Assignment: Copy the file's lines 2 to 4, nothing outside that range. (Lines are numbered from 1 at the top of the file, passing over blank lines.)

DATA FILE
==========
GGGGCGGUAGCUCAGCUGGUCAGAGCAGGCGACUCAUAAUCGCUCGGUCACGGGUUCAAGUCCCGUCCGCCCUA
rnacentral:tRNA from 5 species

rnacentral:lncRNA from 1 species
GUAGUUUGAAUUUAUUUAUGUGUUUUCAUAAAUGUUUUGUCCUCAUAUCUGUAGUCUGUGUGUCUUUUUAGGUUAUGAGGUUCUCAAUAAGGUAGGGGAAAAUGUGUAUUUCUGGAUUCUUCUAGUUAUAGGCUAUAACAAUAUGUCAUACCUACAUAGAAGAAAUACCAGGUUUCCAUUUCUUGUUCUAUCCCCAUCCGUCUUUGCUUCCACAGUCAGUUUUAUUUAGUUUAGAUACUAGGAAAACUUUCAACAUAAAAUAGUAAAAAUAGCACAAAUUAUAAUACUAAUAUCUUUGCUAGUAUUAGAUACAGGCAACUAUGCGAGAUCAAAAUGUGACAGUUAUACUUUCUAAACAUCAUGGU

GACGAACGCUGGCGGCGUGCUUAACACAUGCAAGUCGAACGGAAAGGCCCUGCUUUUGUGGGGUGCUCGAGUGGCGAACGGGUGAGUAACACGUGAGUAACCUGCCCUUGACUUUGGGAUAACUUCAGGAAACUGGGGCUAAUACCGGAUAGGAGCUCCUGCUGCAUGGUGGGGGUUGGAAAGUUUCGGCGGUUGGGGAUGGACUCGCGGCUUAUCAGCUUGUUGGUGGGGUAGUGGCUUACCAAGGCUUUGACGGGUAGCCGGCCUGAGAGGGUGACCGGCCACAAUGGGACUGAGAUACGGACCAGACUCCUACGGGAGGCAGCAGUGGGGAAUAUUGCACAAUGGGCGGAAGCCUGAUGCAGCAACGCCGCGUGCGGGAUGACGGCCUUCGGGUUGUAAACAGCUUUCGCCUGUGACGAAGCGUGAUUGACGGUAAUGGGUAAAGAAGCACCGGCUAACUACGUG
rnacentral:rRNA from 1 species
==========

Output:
rnacentral:tRNA from 5 species

rnacentral:lncRNA from 1 species
GUAGUUUGAAUUUAUUUAUGUGUUUUCAUAAAUGUUUUGUCCUCAUAUCUGUAGUCUGUGUGUCUUUUUAGGUUAUGAGGUUCUCAAUAAGGUAGGGGAAAAUGUGUAUUUCUGGAUUCUUCUAGUUAUAGGCUAUAACAAUAUGUCAUACCUACAUAGAAGAAAUACCAGGUUUCCAUUUCUUGUUCUAUCCCCAUCCGUCUUUGCUUCCACAGUCAGUUUUAUUUAGUUUAGAUACUAGGAAAACUUUCAACAUAAAAUAGUAAAAAUAGCACAAAUUAUAAUACUAAUAUCUUUGCUAGUAUUAGAUACAGGCAACUAUGCGAGAUCAAAAUGUGACAGUUAUACUUUCUAAACAUCAUGGU